Organoid culture – Future opportunities on tumour organoid culture standardisation

by | Jan 24, 2024 | Cancer, CRISPR, NGS, Organoids, Single Cell, Stem Cell

REVIEW HIGHLIGHTS

TUMOUR ORGANOID CULTURE: FUTURE OPPORTUNITIES ON STANDARDISATION

The organoid has developed as an attractive in vitro platform for tumour biology research and high-throughput drug screening in cancer medicine [1]. However, there are no standardized methods to guide the culture of organoids, leading to confusion in organoid studies that may disturb accurate judgements of tumour biology[1].

In a recent journal article published by Cancer Medicine, Zhou et al. presented the latest research findings on organoid standardisation and shared future opportunities for tumour organoid culture standardisation, including organoid formation, culture medium and extracellular matrix (ECM).

Dolly from Lab-A-Porter extracted some of the highlights from the review article while we featured some of the organoid research reagents and tools that may support your next organoid research project.

Image 1: Cancer cells

TUMOUR ORGANOID CULTURE 

(1) LIMITATIONS

 

WHAT ARE THE LIMITATIONS OF THE CURRENT TUMOUR ORGANOID CULTURE SYSTEM?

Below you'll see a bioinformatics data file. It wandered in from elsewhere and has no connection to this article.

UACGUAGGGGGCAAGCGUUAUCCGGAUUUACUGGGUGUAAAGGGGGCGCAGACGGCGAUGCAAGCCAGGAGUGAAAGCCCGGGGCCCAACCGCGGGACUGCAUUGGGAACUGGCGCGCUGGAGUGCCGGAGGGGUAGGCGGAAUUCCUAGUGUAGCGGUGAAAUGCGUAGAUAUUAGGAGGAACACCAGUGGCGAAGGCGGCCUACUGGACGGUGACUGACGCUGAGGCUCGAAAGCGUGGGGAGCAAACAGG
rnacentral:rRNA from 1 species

The protocols of organoid construction vary widely[1]. Although each culture method demands to be appropriate for the research of tumour biology and therapeutic efficacy, the current culture techniques have not unified, which limits their preclinical application[1]. The limitations of the current organoid culture system include the limitations of tumour tissue sampling, the limitations of primary tissue processing methods and the limitations of the organoid culture environment[1].

TUMOUR ORGANOID CULTURE

(2) PROGRESS ON STANDARDISATION

 

WHAT PROGRESS HAS BEEN MADE ON TUMOUR ORGANOID CULTURE STANDARDISATION?

Currently, there is progress made in the culture standardisation of tumour organoids, like the standardisation of organoid source sample collection, organoid construction process, and culture environment including culture medium, organoid ECM and tumour microenvironment (TME) [1].

(A) ORGANOID SOURCE SAMPLE COLLECTION

  • Advances in the standardisation of organoid culture began with organoid-based studies aimed at identifying intra- and inter-tumour heterogeneity[1]. Tissue samples from multiple tumour sites or sub-regions will be able to establish more accurate tumour organoid models[1].
  • Zhou et al. from this review shared examples from different research groups regarding progress on tissue sampling from multiple tumour sites when establishing organoid model.
    • Kopper et al. established a multi-point organoid model by sampling the primary sites and multiple metastatic sites of an ovarian cancer patient to analyse genomics, transcriptomics, morphology, and pharmaceutical response of organoids[1].